The exhibition coincided with the fiftieth anniversary of the Stonewall uprising in New York City, which has apocryphally been understood to have initiated gay liberation; this anniversary is being commemorated with a wave of books and exhibitions, many of which serve to reinforce the centrality of Stonewall and certain familiar figures and images.3 California, however, was the site of political organizing (for example, the Mattachine Society, Daughters of Bilitis) and protests (at Cooper Do-nuts and at the Black Cat in Los Angeles, at Compton’s Cafeteria in San Francisco, that predate Stonewall. The state’s size and diversity has also fostered a broad range of communities and practices that extend beyond New York City–centric narratives. Thus, the exhibition, capitalizing on the timeliness of retrospection, sought to change the dominant narrative, refracting it into multiple stories that speak across early organizing and contemporary art. It did so with a capacious array of works by more than sixty artists and collaborators and materials from fifteen archives.4 In addition to works in a variety of visual art mediums and a film and video screening series, the show effectively incorporated snapshots and documentation photos out of the archives, audio pieces and interviews, gay and lesbian newspapers and magazines, queer zines, political buttons and stickers, picket signs, costumes, board games, and panels from the AIDS quilt. Linden took a maximalist but deeply considered approach. It’s extraordinary that the show was the labor of a single independent curator, but the exhibition’s coherence does reflect a particular vision.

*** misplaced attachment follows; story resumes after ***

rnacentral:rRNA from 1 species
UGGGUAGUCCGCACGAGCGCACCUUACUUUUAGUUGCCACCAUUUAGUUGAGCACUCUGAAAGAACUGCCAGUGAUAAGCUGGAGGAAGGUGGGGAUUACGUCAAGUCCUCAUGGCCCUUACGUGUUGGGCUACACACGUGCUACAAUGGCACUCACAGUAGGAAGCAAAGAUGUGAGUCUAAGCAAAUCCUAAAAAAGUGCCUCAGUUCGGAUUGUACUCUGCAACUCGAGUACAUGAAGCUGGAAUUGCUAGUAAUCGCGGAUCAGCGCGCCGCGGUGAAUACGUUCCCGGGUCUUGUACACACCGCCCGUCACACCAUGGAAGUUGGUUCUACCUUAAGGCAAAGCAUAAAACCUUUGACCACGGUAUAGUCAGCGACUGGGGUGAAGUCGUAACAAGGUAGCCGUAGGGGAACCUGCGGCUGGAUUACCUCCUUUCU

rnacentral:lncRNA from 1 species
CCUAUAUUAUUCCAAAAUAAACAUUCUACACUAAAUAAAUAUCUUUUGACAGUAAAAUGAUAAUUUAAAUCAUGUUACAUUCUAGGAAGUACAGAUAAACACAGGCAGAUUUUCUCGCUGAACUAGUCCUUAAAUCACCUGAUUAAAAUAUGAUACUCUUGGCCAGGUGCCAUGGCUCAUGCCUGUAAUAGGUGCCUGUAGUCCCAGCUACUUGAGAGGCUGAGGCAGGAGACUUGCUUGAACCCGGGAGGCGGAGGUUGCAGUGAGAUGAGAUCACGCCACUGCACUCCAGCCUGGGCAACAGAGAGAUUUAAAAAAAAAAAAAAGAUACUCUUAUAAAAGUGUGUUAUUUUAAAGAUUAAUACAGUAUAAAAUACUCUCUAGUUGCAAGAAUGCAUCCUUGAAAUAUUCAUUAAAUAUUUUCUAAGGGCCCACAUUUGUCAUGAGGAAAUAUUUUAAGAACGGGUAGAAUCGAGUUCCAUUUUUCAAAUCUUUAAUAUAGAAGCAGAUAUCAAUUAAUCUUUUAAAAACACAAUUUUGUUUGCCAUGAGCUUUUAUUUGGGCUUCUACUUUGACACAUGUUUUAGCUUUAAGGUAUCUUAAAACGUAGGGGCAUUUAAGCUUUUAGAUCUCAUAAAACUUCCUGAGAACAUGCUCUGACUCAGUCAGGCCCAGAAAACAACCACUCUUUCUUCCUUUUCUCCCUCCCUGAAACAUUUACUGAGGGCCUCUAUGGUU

At the heart of the show and in many ways embodying its expansive ethos, Chris E. Vargas created a physical manifestation of his itinerant project the Museum of Trans Hirstory and Art (MOTHA, from 2013) with a focus on San Francisco Bay Area trans histories—or, as his playful piece Pronoun Showdown (2015) suggests, aestories, blackstories, brownstories, feystories, hustories, meowstories, witchstories, and beyond. Vargas’s temporary structure, adorned with neoclassical architectural decals on the exterior and bar logos on the interior walls, institutionalizes artifacts such as disco queen Sylvester’s sequined jacket and community activist Miss Major’s high heels alongside artist Nicki Green’s recreated mugs from Compton’s Cafeteria, Breaking Dishes for Trans Liberation (2016) [Image 2].